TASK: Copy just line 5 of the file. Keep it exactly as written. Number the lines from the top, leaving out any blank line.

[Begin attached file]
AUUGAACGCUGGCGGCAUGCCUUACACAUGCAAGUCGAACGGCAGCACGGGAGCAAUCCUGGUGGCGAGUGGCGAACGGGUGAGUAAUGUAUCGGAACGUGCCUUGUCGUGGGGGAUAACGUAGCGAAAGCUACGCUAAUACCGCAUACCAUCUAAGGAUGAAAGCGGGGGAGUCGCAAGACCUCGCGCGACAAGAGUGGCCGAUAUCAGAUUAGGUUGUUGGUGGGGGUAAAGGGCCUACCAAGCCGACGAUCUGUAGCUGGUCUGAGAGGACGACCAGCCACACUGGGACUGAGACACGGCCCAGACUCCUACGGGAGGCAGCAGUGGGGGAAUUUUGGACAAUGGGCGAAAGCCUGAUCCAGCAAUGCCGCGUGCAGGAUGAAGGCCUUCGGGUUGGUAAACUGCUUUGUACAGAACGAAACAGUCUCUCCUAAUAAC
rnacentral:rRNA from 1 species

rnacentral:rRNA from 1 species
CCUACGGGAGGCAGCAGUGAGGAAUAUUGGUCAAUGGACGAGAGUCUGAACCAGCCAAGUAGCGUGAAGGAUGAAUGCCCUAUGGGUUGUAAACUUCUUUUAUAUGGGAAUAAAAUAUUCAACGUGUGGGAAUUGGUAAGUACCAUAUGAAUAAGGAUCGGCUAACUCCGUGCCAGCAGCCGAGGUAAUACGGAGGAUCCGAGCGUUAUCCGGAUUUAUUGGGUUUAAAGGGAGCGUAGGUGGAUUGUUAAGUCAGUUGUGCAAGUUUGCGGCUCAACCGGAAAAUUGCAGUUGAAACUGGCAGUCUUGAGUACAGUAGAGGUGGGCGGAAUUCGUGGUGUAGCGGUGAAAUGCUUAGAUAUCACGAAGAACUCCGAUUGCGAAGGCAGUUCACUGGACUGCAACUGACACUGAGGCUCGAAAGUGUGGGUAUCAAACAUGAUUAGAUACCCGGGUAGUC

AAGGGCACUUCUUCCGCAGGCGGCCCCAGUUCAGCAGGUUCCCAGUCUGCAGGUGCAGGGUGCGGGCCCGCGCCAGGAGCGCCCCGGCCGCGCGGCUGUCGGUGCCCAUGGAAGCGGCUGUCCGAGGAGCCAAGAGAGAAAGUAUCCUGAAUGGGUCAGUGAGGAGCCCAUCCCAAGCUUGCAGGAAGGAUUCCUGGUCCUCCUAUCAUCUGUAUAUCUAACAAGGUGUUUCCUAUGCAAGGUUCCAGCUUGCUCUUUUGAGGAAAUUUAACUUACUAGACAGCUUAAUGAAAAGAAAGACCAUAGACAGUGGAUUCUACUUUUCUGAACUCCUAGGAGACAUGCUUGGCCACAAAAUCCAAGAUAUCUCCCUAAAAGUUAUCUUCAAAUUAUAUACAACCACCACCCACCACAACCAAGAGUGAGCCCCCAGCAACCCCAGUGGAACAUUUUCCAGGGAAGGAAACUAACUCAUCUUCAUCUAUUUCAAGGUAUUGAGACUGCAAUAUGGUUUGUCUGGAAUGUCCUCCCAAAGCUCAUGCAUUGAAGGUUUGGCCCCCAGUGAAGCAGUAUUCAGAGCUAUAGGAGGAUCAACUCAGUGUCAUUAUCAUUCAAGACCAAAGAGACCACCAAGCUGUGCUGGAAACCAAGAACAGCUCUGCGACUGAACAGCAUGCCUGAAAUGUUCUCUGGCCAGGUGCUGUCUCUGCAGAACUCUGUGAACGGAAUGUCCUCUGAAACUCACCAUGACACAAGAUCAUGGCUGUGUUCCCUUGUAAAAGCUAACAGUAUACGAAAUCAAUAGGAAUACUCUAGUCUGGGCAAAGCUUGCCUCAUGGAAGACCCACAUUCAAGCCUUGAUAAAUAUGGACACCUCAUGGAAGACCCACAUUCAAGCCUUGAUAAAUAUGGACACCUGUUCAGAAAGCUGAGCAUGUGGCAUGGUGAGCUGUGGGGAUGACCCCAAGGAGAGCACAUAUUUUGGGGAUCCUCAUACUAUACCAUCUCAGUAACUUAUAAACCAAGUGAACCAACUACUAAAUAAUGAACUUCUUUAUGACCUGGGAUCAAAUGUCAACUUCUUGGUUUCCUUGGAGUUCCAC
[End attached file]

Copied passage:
AAGGGCACUUCUUCCGCAGGCGGCCCCAGUUCAGCAGGUUCCCAGUCUGCAGGUGCAGGGUGCGGGCCCGCGCCAGGAGCGCCCCGGCCGCGCGGCUGUCGGUGCCCAUGGAAGCGGCUGUCCGAGGAGCCAAGAGAGAAAGUAUCCUGAAUGGGUCAGUGAGGAGCCCAUCCCAAGCUUGCAGGAAGGAUUCCUGGUCCUCCUAUCAUCUGUAUAUCUAACAAGGUGUUUCCUAUGCAAGGUUCCAGCUUGCUCUUUUGAGGAAAUUUAACUUACUAGACAGCUUAAUGAAAAGAAAGACCAUAGACAGUGGAUUCUACUUUUCUGAACUCCUAGGAGACAUGCUUGGCCACAAAAUCCAAGAUAUCUCCCUAAAAGUUAUCUUCAAAUUAUAUACAACCACCACCCACCACAACCAAGAGUGAGCCCCCAGCAACCCCAGUGGAACAUUUUCCAGGGAAGGAAACUAACUCAUCUUCAUCUAUUUCAAGGUAUUGAGACUGCAAUAUGGUUUGUCUGGAAUGUCCUCCCAAAGCUCAUGCAUUGAAGGUUUGGCCCCCAGUGAAGCAGUAUUCAGAGCUAUAGGAGGAUCAACUCAGUGUCAUUAUCAUUCAAGACCAAAGAGACCACCAAGCUGUGCUGGAAACCAAGAACAGCUCUGCGACUGAACAGCAUGCCUGAAAUGUUCUCUGGCCAGGUGCUGUCUCUGCAGAACUCUGUGAACGGAAUGUCCUCUGAAACUCACCAUGACACAAGAUCAUGGCUGUGUUCCCUUGUAAAAGCUAACAGUAUACGAAAUCAAUAGGAAUACUCUAGUCUGGGCAAAGCUUGCCUCAUGGAAGACCCACAUUCAAGCCUUGAUAAAUAUGGACACCUCAUGGAAGACCCACAUUCAAGCCUUGAUAAAUAUGGACACCUGUUCAGAAAGCUGAGCAUGUGGCAUGGUGAGCUGUGGGGAUGACCCCAAGGAGAGCACAUAUUUUGGGGAUCCUCAUACUAUACCAUCUCAGUAACUUAUAAACCAAGUGAACCAACUACUAAAUAAUGAACUUCUUUAUGACCUGGGAUCAAAUGUCAACUUCUUGGUUUCCUUGGAGUUCCAC